10 Reasons Market Research is Critical to Social Media

I continue to be surprised at how many companies keep the Market Research department in some back hall closet collecting dust and reams of paper reports.  It happens in all industries, but lately I’ve seen retail companies keep their “Consumer Insight” group focused on traditional insight like mall traffic patterns and planograms. Consumer segmentation models are typically owned in these groups, and often they are leveraged for behavioral patterns that help with the proverbial 4 Ps – Product, Price, Place and Promotion.  That stuff is important to the business, no doubt.  But those same companies need to leverage, not ignore, that insight available when fusing social media into the marketing mix they already have.

Brian Solis has a terrific series starting this week on the changing marketing, advertising and communications, where he adds a 5th P: People.   People are the fuel behind social media, which is really just tools and tactics. Here is a quick list of reasons to get Market Research engaged early in order to give social media (People fueled) initiatives the best chances of long term success.

10.  Knowing Customer Behaviors

What internal group knows more about your customer’s behaviors and acts?  The web analytics team knows about what customers do with your own web assets, not about what customers do – in the real world and in online social channels where you don’t own the assets.  Do they share opinions?  Do they care what kind of car they drive?  Are they fickle with the brand of toothpaste they buy?  Do they use social platforms and if so, how often and why?  While we’re at it, how do our customers use social media vs. the mainstream population?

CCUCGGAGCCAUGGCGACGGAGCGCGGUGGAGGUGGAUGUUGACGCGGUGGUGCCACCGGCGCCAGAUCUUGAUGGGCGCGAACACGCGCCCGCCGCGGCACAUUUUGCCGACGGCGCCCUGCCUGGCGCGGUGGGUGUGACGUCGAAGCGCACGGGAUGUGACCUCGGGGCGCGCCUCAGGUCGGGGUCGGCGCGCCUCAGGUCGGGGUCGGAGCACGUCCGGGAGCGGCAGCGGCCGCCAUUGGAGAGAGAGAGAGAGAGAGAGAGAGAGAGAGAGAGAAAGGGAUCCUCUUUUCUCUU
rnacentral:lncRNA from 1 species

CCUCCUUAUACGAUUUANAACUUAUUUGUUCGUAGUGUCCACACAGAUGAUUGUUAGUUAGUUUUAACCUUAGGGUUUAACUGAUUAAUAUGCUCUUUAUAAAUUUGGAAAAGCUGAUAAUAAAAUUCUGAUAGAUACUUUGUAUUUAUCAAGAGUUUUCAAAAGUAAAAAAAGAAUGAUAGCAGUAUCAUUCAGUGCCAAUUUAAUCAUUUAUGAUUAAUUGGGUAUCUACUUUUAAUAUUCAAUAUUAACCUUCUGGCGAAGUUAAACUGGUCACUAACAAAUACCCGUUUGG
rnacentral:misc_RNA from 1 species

9.  Understanding the Effectiveness of Current and Historical Marketing

This applies to branding initiatives too. They (should) know how effective every ad, campaign, point-of-sale item, direct mail, email, tagline, product and other marketing investment has performed.  Wouldn’t you want to leverage that insight to avoid a misdirection in using social media?

8.  Tried and True Methods to Solicit Customer Feedback

Industries are changing rapidly, and the need to conduct focus groups, surveys and gather feedback is too.  The more traditional/offline methods still apply, though – and chances are market research departments are already exploring alternatives to get those things accomplished more quickly, more effectively and cheaply.  Either way, the market research team should be established pros at getting feedback from existing and target customers.

7.  Understanding the Current and Future Market Conditions

Market research is a core part of any business strategy – in this case meaning researching markets.  Will there be future demand for products?  How is our market share today vs. a year ago, and how will a new program help influence that?  It’s this team that businesses leans on to get hard data on what will happen.  Talking to customers in these markets in social channels increases the need to understand the market overall and correlate initiatives to marketing directives.

6.  They Have the Ear of the CMO

There are many arguments on who should own social media, but the research arm of the company usually rolls up to the CMO.  The CMO is the one managing brand perception, and if you believe social media initiatives impact branding, marketing or communications, the CMO will want to hear about it.  The CMO will also want to know the data.